Japan and Republic of Korea: Why Are They the Success Stories of Asian Football?

Mitch DrofstobCorrespondent INovember 12, 2010

OSAKA, JAPAN - SEPTEMBER 07: Keisuke Honda of Japan celebrates during the international friendly match between Japan and Guatemala at Nagai Stadium on September 7, 2010 in Osaka, Japan. (Photo by Koji Watanabe/Getty Images)
Koji Watanabe/Getty Images

Explaining what makes one country successful over another is incredibly difficult; just why are Brazil so much better than England, and what makes Spain more successful in recent years than the USA?

If the finance were the key factor, then Luxembourg and Norway would dominate. But if lack of finances motivated footballers to success, then the world’s stars would hale from Burundi or the Democratic Republic of Congo.

If population size determined success, then China and India would have five World Cups each. In actuality neither have impressed on the world stage. Uruguay, who have two World Cups and consistently compete, have a population over 300 times smaller than China’s.

Height doesn’t seem to be an issue either; some of the most successful footballing nations in the world have modest average heights on a world scale. And the tallest nation, the Netherlands, have never won a World Cup.

Although an Asian country has never won the World Cup, Korea Republic and Japan have both qualified for the last seven and four World Cups respectively, and have impressed—especially when the World Cup was hosted by Korea Republic and Japan in 2002.

In 2010, Japan were eliminated after a closely fought battle with Paraguay that ended 0-0 and went to penalties. Keisuke Honda was one of the surprise players of the tournament, someone who Arsenal manager Arsene Wenger—who had a brief career managing in Japan—called a “genius.” Korea Republic went to the 2010 World Cup on the back of an unbeaten qualifying campaign, but were put to the sword in the knockout round by the aforementioned impressive Uruguay.

So why are South Korea and Japan so much more successful than countries like China, Thailand and India?

According to Soccernomics, by Kuper and Szymanski, despite the stereotype that poorer people make better footballers, perhaps because they're more determined and work harder to leave the life they live, this isn't the case. It's usually poorer and less educated people, from rich countries, that make good footballers. This is true to a point, but it doesn’t include those who are poor on a global scale.

According to Kuper and Szymanski, those who are comfortable, in that they have food to eat, and a bed to sleep in, are more likely to make it. For example, Cristiano Ronaldo was so poor growing up, there was no space in his house for the washing machine, so they put it on the roof. But the fact that his family had a washing machine and roof to put it on proves they had at least some funds, and can’t be classed as poor on a global scale. If it were purely the poorest people who make the best professional footballers, then African countries would dominate—and so far this hasn’t been the case.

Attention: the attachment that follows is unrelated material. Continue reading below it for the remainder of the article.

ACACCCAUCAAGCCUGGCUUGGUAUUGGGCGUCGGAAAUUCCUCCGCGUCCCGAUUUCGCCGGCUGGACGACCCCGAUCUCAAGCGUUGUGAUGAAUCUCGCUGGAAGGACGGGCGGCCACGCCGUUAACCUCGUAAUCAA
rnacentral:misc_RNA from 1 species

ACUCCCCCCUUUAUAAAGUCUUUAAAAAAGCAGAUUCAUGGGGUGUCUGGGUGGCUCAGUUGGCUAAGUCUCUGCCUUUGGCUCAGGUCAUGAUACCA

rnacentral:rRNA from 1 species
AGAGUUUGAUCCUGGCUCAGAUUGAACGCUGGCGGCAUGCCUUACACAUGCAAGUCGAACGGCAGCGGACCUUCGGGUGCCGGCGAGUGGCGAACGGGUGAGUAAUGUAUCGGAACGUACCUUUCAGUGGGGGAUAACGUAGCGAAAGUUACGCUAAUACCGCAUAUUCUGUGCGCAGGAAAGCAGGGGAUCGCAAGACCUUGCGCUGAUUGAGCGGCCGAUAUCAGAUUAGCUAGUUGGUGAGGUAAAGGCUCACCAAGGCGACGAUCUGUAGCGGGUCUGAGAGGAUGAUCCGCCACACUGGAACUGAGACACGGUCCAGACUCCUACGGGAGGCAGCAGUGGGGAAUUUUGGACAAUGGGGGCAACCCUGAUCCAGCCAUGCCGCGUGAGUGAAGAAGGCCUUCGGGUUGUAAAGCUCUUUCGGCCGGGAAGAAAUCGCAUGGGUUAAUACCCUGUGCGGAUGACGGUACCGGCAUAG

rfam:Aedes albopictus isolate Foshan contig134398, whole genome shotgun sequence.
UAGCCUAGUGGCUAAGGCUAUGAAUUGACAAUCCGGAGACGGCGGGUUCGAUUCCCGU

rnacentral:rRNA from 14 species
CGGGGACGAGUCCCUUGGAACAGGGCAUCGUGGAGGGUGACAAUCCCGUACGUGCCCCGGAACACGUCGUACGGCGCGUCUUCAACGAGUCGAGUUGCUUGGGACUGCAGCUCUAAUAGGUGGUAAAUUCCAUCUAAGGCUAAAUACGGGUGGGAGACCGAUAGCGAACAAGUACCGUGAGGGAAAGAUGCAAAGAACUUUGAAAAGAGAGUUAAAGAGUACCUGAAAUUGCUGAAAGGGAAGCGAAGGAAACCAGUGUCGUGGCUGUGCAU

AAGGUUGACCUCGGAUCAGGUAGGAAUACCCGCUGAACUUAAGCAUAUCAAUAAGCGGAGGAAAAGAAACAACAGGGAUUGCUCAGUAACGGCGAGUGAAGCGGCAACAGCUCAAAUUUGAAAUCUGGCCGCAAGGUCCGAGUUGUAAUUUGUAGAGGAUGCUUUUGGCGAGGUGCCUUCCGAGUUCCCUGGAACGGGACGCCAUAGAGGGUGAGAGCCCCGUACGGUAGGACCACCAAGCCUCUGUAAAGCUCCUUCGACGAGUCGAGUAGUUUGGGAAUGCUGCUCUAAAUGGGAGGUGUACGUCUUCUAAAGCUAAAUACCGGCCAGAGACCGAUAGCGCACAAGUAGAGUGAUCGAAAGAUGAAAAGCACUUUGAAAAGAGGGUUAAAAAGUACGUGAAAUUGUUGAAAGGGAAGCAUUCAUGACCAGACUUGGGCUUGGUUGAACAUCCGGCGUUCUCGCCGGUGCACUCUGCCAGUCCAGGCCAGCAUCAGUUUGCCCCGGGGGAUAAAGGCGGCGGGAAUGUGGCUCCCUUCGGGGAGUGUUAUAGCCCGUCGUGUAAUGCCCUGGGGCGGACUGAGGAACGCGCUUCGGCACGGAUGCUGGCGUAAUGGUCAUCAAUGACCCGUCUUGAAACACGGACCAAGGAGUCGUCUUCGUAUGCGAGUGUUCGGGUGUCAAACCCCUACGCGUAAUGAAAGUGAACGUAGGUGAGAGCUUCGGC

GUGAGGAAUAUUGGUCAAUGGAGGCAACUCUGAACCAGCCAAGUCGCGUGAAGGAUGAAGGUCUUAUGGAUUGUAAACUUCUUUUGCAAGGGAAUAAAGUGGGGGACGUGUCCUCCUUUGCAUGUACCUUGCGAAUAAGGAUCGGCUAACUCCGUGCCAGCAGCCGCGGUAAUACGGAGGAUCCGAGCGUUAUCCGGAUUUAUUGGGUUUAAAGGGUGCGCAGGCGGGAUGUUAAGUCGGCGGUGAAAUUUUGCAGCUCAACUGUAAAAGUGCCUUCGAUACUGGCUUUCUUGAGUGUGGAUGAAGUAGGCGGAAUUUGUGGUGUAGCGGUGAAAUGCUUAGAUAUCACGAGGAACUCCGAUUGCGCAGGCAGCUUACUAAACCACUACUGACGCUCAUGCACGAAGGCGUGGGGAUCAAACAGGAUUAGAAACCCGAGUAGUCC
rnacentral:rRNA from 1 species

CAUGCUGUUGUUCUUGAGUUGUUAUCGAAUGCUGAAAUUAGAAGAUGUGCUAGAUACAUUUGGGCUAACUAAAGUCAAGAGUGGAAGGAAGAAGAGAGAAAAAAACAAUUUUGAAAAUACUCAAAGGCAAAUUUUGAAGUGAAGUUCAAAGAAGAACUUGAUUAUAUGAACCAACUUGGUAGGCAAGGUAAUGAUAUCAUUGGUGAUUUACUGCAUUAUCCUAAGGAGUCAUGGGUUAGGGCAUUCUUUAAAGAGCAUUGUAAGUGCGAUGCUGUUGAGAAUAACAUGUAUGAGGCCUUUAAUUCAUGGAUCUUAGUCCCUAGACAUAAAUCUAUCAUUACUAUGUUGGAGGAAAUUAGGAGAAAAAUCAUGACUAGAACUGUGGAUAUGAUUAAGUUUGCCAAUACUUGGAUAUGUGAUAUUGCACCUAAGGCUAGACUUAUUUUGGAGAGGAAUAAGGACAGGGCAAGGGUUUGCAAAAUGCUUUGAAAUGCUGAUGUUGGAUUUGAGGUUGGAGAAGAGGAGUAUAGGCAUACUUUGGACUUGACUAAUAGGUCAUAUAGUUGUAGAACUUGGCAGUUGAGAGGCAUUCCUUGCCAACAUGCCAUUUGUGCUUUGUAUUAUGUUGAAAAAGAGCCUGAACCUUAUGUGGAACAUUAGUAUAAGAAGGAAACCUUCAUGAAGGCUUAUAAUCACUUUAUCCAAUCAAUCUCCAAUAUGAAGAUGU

The other point made was that taller people tend to make it in sports, and so countries with more tall people to choose from have a better chance of competing, because the percentage of men they can choose to represent them is higher. People get tall by eating well, and they eat well by being economically comfortable, so the two are interlinked. Rich countries, with a population of tall people tend to be very successful footballing nations.

The Netherlands, for example, have a small nation of barely 16 million, a quarter that of Great Britain. But they are very tall, and according to the World Bank and the IMF they are the seventh and eighth richest country in the world respectively. Their success, the players they have given the world and the influence they have had on football with the invention of "total football" is completely out of sync with their population.

How does this relate to Korea Republic and Japan? Despite Japan having a smaller population than China, India, Indonesia, Pakistan and Bangladesh, their football history is infinitely more decorated. And incidentally, Japanese men are, on average, taller and wealthier than men in those countries. The Korean Republic has an even smaller population, whereas the Philippines, Vietnam, Thailand and Myanmar all have larger populations. But again, Korean Republic men are wealthier and comfortably taller.

The other country qualifying from the Asian Football Confederation that has had some success in the World Cup is Australia. While they might be better at rugby and cricket, they are currently ranked a respectable 14th in the world, and like Korea Republic and Japan, dominate over other Asian countries in both wealth and height.

Obviously there are other factors like culture, and politics, but next time you watch a football match, maybe have a look at who has the taller and richer nation per capita before making your winning prediction.